Tuesday, July 6, 1993...

Today's sightseeing began at Theodore Roosevelt N.P. in Medora, ND -- a 36-mile swing through the North Dakota badlands, with a half-dozen prairie-dog towns for variety. The best single view in the whole park, though, is from the Interstate rest area overlooking the park!

US 10/I-94 and the North Dakota badlands, Theodore Roosevelt N.P.

Further on, I stopped in New Salem to visit with "Salem Sue," the World's Largest Holstein, symbol of the North Dakota dairy industry. Sue's a $40,000 hunk of fiberglass measuring 38' tall by 50' long. A visitor standing at her base can gaze up at the blood vessels around her udders, or out across miles of near-featureless North Dakota prairie.

In Bismarck, I swung past the state government complex for a better view of the bizarre North Dakota Capitol. A 19-story Art Deco tower constructed in the early 1930s, it looks more like a reject from Rockefeller Center than anything you'd expect to find in the Wheat Belt. Then came Jamestown, home to the Frontier Village: a bunch of old North Dakota buildings assembled in one place, many of them painted in very artificial colors and styles, plus a herd of live buffalo and the (concrete) World's Largest Buffalo at the end of the road, overlooking the Interstate.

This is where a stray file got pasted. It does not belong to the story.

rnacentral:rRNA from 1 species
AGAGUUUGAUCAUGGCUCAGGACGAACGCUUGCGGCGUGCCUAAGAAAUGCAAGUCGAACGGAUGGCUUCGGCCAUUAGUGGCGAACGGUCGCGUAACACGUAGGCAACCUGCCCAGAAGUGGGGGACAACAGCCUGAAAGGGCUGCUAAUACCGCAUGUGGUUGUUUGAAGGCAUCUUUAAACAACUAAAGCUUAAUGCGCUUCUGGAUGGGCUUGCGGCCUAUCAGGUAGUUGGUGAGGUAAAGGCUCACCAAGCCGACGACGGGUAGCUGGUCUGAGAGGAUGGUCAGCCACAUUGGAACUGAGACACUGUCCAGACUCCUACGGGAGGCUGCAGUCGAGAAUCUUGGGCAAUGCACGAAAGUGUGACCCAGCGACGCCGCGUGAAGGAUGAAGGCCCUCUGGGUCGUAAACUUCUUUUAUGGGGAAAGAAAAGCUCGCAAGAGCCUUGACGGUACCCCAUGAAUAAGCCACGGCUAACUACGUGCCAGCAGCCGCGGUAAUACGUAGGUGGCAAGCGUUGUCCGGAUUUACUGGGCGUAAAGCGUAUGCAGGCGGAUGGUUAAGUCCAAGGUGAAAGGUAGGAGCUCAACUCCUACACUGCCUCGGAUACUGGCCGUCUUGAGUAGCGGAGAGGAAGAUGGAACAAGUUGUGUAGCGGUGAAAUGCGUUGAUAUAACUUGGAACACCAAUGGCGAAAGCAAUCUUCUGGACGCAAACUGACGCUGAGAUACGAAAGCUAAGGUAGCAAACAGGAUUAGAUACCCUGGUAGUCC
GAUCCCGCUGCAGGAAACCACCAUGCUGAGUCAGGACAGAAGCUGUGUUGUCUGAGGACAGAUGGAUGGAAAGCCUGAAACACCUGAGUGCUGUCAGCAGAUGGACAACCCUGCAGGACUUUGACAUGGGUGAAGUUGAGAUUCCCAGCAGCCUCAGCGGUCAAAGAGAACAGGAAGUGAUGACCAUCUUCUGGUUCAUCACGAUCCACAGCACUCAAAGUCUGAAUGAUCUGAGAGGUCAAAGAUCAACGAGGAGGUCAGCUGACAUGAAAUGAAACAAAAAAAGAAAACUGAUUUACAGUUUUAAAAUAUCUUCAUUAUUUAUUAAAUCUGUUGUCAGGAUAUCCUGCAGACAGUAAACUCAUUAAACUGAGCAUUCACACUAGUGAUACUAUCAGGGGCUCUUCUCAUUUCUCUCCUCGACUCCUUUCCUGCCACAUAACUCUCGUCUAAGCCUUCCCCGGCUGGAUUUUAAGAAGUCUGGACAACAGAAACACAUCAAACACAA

Five miles west of Fargo, US 10 finally emerges from the shadow of I-94. After dumping my bags at the motel, I drove to North Dakota's only shrine to New York baseball history: the West Acres Mall. A series of inconspicuous display cases in one corner of the mall is designated the Roger Maris Museum. It contains the late Yankee slugger's MVP awards, Hickok Belt, key 1961 home-run balls, and memorabilia from his days in Fargo. In life, Maris always took a back seat to Mickey Mantle - perhaps this is his way of thumbing his nose at New York.

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